Cognitive Behavioral Therapy

Cognitive Behavioral Therapy In A Nutshell

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Here is a useful diagram to understand the underlying premise of cognitive behavioral therapy:


Most of us don’t think in terms of the above schematic. We don’t factor our beliefs about the world, our hidden biases, into the equation. We’re all narcissists to a greater or lesser degree, and what this narcissism causes us to do is to treat many of our own subjective interpretations of events as if these interpretations were objective reality, as if they weren’t interpretations at all but simply the way things are. No need to question or actively challenge our beliefs, no need to look for evidence to confirm or deny them, because for us they aren’t experienced as beliefs, they’re experienced as reality.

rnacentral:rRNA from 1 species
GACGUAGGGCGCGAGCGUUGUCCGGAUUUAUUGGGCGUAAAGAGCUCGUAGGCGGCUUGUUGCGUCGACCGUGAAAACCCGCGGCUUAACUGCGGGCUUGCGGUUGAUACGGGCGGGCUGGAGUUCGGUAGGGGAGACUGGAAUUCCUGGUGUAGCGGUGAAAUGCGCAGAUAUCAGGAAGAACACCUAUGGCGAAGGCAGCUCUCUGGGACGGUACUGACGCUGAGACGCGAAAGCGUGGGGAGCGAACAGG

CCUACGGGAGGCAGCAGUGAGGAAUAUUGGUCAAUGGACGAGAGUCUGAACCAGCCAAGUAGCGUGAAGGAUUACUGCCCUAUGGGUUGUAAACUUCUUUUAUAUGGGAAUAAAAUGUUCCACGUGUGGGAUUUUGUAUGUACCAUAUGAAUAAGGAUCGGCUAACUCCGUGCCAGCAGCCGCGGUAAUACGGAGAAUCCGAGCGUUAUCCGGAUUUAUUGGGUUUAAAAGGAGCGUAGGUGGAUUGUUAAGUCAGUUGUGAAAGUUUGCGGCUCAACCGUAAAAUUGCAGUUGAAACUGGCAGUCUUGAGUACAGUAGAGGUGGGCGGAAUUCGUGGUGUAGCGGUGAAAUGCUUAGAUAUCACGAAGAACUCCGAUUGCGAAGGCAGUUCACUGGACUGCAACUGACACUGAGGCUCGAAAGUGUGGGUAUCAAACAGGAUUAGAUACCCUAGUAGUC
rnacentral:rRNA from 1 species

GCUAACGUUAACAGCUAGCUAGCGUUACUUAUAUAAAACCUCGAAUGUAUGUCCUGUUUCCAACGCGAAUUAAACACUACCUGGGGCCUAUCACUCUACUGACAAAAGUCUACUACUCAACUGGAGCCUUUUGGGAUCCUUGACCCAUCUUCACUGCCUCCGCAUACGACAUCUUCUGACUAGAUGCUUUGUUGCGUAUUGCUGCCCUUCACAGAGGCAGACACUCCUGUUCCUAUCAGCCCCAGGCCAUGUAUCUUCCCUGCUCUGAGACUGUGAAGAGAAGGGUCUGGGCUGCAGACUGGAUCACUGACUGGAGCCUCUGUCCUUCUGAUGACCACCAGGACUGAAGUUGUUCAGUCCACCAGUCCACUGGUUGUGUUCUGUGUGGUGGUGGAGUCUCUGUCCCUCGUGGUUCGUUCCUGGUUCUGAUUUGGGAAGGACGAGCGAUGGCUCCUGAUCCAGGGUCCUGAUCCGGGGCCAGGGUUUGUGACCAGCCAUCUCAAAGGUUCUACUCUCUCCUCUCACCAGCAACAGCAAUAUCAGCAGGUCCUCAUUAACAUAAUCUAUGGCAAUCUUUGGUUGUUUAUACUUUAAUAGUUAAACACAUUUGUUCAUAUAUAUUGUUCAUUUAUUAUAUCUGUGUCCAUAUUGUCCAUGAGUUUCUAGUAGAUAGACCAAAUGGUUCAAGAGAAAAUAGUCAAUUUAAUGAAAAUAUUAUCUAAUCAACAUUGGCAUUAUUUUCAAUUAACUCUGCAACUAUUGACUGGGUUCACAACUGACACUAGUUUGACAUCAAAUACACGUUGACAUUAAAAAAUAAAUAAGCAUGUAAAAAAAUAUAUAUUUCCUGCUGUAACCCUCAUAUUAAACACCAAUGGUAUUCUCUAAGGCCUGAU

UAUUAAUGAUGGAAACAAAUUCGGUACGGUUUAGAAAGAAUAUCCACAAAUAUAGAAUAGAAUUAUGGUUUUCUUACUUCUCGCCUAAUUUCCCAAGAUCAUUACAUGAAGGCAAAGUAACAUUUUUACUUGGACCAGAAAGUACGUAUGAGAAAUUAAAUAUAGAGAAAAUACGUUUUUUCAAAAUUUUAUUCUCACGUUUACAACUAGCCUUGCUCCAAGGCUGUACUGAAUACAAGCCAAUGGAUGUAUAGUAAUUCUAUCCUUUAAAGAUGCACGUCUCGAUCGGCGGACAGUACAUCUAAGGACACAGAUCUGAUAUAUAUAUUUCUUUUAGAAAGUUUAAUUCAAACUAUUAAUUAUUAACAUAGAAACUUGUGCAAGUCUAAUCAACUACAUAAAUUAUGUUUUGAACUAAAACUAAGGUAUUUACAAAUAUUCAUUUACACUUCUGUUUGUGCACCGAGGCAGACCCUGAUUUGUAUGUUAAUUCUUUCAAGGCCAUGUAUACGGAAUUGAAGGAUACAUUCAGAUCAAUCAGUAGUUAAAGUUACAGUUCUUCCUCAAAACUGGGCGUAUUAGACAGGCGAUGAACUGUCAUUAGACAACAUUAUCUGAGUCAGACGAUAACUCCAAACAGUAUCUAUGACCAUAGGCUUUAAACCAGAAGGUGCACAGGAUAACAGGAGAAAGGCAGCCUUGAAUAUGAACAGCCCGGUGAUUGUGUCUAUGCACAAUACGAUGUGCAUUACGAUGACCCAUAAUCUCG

Our narcissism compels us to think of the world in terms of the diagram below:


So the great power of cognitive behavioral therapy is to open up a bunch of hidden space in between activating events and consequences in order to spend more time reflecting at a stage that really matters but is given short shrift.

It’s our beliefs about activating events that lead to the consequences, not the activating events themselves. And many of these beliefs are faulty thinking patterns, also known as cognitive distortions. Like we already said these patterns of thought cause us to process activating events in skewed ways that we take for granted as valid, and these ways lead to dysfunction in life and relationships without us even realizing it.